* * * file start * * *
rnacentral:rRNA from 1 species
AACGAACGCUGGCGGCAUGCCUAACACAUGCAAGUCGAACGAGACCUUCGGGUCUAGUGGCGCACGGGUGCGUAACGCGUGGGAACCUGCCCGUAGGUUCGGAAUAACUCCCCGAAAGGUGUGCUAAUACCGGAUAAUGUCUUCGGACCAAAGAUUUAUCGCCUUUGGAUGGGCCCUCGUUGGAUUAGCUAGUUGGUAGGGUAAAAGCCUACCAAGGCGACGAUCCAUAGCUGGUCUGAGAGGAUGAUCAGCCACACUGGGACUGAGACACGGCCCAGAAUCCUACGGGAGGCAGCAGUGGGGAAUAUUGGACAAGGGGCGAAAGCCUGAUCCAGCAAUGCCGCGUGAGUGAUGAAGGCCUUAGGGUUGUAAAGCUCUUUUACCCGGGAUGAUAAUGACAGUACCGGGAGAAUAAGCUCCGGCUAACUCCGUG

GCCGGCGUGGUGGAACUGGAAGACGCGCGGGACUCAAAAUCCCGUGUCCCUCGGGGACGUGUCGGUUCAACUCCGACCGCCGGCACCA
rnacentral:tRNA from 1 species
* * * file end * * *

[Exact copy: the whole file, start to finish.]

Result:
rnacentral:rRNA from 1 species
AACGAACGCUGGCGGCAUGCCUAACACAUGCAAGUCGAACGAGACCUUCGGGUCUAGUGGCGCACGGGUGCGUAACGCGUGGGAACCUGCCCGUAGGUUCGGAAUAACUCCCCGAAAGGUGUGCUAAUACCGGAUAAUGUCUUCGGACCAAAGAUUUAUCGCCUUUGGAUGGGCCCUCGUUGGAUUAGCUAGUUGGUAGGGUAAAAGCCUACCAAGGCGACGAUCCAUAGCUGGUCUGAGAGGAUGAUCAGCCACACUGGGACUGAGACACGGCCCAGAAUCCUACGGGAGGCAGCAGUGGGGAAUAUUGGACAAGGGGCGAAAGCCUGAUCCAGCAAUGCCGCGUGAGUGAUGAAGGCCUUAGGGUUGUAAAGCUCUUUUACCCGGGAUGAUAAUGACAGUACCGGGAGAAUAAGCUCCGGCUAACUCCGUG

GCCGGCGUGGUGGAACUGGAAGACGCGCGGGACUCAAAAUCCCGUGUCCCUCGGGGACGUGUCGGUUCAACUCCGACCGCCGGCACCA
rnacentral:tRNA from 1 species